NHS workers considering strike action as Health Secretary Jeremy Hunt denies half his workforce a 1% pay rise


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NHS workers’ pay should be linked to performance, not time in the job, Jeremy Hunt has said, as he announced that more than half the workforce will be denied a widely anticipated one per cent pay rise.

Unions said they were consulting their members over strike action and warned that performance-related pay could lead to a “production line” approach on hospital wards.

As more than 600,000 health workers found out they would be denied a below-inflation one per cent pay rise this year, the Health Secretary said that the current NHS payment model, which sees most nurses and other employees’ pay increase according to their level of experience, was “mad” and only benefited higher-paid staff.

Public sector workers, including the armed forces, prison officers and judges, will all receive a one per cent pay rise, as will NHS workers who do not already receive incremental pay increases linked to their experience level. However, the Government rejected advice from the NHS Pay Review Body (NHS PRB) that the salary boost should apply across the board, claiming it was “unaffordable”.

Unions said that the NHS was being singled out and accused the Government of a “direct attack” on healthcare staff. Unite is consulting its 100,000 health service members on industrial action, while the GMB, which has 450,000 health members, also said a strike was now more likely.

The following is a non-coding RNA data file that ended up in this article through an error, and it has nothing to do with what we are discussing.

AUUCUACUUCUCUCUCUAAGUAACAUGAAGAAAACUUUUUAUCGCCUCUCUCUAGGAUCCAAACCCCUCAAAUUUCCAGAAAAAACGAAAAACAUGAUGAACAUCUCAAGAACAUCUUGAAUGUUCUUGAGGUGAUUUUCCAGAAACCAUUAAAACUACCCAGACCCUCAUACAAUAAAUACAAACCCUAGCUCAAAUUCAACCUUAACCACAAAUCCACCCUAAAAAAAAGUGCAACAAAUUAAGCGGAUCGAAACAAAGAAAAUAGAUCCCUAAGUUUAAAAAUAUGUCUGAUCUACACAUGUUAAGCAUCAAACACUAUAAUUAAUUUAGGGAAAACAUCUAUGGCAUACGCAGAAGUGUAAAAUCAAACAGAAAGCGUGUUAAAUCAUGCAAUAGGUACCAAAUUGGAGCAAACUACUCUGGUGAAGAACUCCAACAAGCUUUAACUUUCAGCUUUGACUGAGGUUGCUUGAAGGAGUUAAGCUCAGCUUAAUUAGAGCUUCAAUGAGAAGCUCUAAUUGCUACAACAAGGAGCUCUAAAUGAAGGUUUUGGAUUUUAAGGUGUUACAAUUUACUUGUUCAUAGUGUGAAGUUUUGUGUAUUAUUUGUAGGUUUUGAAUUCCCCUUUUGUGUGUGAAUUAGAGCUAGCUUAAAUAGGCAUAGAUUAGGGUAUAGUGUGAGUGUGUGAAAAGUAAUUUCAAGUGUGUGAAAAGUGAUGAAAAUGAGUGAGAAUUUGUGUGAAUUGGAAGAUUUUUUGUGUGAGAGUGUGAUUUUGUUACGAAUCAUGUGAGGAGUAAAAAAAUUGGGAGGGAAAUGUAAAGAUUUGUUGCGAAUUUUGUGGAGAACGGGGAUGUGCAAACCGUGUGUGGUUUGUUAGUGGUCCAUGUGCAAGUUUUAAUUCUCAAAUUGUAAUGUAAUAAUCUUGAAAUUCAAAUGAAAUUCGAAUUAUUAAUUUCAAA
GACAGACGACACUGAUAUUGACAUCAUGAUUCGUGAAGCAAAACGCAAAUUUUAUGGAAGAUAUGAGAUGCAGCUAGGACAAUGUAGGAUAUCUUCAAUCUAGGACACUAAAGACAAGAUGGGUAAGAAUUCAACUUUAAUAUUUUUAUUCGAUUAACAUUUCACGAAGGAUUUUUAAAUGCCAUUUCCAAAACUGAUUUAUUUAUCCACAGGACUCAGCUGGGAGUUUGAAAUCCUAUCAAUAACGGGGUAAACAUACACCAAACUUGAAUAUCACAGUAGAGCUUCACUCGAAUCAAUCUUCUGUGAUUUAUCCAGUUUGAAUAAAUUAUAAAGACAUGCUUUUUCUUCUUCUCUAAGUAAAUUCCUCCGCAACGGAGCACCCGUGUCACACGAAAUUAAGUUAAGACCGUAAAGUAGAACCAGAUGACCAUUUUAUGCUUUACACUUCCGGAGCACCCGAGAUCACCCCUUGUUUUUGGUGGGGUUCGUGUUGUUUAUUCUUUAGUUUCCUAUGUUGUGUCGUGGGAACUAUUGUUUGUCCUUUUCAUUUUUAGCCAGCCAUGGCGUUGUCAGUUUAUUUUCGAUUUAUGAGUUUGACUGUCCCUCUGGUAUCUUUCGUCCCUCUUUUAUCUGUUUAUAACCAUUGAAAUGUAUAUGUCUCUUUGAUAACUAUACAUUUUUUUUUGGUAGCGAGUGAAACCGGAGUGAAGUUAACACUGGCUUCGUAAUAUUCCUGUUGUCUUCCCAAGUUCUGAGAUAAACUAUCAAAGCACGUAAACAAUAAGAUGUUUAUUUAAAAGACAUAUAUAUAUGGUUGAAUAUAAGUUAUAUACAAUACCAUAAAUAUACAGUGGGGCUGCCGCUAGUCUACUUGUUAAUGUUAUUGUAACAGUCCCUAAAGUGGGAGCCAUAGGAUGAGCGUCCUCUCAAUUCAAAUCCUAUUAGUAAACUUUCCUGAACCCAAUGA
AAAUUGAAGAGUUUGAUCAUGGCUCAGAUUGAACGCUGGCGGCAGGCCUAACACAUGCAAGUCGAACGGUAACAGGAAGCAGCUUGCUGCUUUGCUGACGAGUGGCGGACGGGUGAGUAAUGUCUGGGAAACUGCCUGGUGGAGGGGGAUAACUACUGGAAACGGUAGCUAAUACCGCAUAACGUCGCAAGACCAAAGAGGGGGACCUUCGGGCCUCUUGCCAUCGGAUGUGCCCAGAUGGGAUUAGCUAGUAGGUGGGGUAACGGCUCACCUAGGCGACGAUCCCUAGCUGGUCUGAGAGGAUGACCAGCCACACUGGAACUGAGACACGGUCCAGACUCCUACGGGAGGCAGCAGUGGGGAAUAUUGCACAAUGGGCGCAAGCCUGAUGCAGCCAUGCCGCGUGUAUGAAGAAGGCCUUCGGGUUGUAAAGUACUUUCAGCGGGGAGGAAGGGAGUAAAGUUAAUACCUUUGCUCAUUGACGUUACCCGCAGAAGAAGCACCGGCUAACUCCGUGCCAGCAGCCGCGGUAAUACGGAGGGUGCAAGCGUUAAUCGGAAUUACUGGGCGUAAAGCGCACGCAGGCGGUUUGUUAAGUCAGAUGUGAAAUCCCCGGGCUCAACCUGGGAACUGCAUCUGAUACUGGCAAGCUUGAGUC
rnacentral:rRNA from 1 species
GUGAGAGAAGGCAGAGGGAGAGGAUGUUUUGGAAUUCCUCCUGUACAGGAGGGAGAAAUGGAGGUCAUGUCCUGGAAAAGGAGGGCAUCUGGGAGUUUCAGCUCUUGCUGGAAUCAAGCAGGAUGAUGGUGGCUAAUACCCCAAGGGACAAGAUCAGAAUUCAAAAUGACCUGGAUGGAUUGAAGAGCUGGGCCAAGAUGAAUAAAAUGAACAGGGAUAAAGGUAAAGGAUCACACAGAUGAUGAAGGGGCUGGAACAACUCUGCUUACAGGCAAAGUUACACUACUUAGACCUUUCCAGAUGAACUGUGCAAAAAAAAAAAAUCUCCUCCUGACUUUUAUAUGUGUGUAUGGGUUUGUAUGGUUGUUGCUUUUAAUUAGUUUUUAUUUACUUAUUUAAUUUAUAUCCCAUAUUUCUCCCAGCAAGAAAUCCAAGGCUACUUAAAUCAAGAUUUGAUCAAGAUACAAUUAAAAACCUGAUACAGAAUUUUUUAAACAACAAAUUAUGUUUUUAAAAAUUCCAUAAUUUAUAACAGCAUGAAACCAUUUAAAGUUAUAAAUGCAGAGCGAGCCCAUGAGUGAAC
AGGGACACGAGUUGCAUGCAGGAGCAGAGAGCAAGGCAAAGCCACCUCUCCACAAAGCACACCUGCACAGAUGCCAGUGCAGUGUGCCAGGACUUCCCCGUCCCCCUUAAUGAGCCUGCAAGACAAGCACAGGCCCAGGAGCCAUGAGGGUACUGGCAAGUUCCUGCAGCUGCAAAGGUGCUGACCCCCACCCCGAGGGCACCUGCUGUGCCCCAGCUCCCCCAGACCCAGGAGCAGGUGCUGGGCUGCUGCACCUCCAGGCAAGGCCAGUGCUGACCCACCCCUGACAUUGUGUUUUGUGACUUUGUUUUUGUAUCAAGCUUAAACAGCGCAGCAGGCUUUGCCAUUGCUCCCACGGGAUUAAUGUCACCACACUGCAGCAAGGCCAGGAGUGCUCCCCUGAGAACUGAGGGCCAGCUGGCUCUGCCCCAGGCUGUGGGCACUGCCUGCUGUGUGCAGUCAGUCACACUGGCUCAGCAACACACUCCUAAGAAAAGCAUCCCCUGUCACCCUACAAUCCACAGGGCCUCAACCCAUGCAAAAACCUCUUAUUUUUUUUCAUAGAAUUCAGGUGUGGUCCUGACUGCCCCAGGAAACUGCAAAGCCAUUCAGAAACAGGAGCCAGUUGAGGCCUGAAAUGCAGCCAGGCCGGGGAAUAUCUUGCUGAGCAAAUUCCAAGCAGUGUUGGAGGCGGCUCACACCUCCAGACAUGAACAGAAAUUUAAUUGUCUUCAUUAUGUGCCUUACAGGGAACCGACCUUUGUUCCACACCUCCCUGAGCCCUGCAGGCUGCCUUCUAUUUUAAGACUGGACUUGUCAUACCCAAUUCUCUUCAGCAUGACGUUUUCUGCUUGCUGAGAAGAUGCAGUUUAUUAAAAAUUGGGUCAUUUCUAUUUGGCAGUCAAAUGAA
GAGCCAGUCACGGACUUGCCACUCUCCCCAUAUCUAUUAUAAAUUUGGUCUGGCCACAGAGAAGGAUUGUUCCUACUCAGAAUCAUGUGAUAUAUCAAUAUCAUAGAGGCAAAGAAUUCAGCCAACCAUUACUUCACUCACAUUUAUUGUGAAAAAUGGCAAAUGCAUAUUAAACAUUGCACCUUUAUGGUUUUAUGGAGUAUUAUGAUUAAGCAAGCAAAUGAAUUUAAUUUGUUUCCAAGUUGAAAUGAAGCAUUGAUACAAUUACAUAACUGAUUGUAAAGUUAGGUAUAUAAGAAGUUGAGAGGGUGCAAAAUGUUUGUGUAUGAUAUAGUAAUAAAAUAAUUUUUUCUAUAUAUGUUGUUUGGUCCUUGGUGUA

Mr Hunt told the BBC that he wanted to see major reform of the way NHS employers set their salaries, saying “it shouldn’t be about time served, it should be how well you look after patients.”

But Rehana Azam, national officer for the GMB Union, told The Independent that performance-related pay would take the NHS into “dangerous territory”, and accused the Health Secretary of implying that healthcare workers were not working hard enough.

“It’s not a fair way of rewarding staff in the NHS,” she said. “It’s like a production line mentality – your pay will depend on your output at the end of the day. But how do you judge how the care you’ve offered a patient should be compensated? If that patient lives on for the next few years? Did that care on that morning enable that? How do you measure it?

“NHS workers will be leaving their workplaces thinking: ‘why are we being singled out?’”

The Department of Health’s claim that incremental progression represented a two per cent increase in salary costs each year was challenged by the independent NHS Pay Review Body, which had said its net cost was in fact 0.6 per cent and may well be lower this year as more staff reach the top of their pay band.

The NHS PRB had also warned that patient care might suffer “through declining staff morale and engagement” if the one per cent pay rise, which was widely anticipated in Government statements up till now, was denied. 

Mr Hunt said that the pay rise was “unaffordable”, adding that 6,000 nursing jobs would “probably” have had to be cut if it had gone ahead. The Government has attached great importance to improving staffing levels in the NHS, in an attempt to prevent any repeats of the Mid Staffordshire hospital scandal, where low nurse cover was cited as a reason for major care failings. However, many NHS hospital trusts now say they are struggling to afford government demands to increase staffing. 

But John Appleby, chief economist at the influential King’s Fund think tank, told The Independent that holding down staff pay risked affecting morale, which could have the effect of a harming patient care regardless of staffing levels. He added that it was becoming “increasingly clear” that the next government would have to find extra funding for the NHS to avoid such dilemmas.

“The alternative is to accept significant cuts to services that will harm patient care,” he said.